Abstract

A simple to fabricate, cost-effective, robust, and highly accurate fiber optic temperature sensor is proposed and experimentally demonstrated. The sensor head consists of an in-fiber Fabry–Perot interferometer (FFPI) embedded in a mold made of a polyester resin. FFPI, which in general present good strain sensitivity and low-temperature sensitivity, was assembled by splicing a microsegment of capillary fiber of 14.66 μm between two single-mode fibers. The reflected spectrum of the FFPI exhibited a single interference dip within a span of 80 nm. The dimensions of the resin mold can be modified by changing the ambient temperature, which in turn changes the length of the FFPI air-cavity. The dip of the reflected spectrum is shifted toward shorter (larger) wavelengths when external temperature is decreased (increased). The large free spectral range (FSR) allowed to monitor the temperature changes by either a wavelength or an intensity interrogation scheme. Using a laser and an optical power meter it was possible to demonstrate a real-time temperature sensor with a sensitivity of −60.79 nW/°C and a resolution of 0.5 °C, in the range of 10–30 °C. We believe that the practicality of this real-time sensor can be very attractive for environmental sensing application.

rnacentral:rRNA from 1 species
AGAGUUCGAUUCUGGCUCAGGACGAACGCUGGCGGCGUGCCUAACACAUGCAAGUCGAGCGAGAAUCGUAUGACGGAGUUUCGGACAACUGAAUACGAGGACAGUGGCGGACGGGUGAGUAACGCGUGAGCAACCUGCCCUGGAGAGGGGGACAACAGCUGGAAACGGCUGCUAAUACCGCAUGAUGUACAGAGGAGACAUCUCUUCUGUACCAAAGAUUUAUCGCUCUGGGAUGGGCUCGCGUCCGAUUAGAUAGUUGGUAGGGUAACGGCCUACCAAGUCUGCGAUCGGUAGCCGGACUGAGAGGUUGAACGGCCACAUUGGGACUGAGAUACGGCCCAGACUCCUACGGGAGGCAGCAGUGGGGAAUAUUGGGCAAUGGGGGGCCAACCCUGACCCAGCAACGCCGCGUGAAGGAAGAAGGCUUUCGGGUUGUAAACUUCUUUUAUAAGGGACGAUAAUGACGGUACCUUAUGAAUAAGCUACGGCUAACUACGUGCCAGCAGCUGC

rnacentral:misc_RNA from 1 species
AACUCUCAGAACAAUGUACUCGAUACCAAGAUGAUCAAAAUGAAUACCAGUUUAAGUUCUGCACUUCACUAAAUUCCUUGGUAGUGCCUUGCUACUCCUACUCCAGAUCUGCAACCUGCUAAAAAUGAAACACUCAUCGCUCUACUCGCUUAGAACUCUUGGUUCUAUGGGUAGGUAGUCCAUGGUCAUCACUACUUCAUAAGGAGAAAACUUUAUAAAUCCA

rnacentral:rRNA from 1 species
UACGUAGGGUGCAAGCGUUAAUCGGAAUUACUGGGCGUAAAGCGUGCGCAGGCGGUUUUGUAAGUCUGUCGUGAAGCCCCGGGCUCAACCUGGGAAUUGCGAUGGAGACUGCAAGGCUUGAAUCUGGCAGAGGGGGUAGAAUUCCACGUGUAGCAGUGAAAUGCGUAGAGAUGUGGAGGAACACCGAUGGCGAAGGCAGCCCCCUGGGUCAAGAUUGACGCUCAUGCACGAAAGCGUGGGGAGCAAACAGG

© 2018 IEEE

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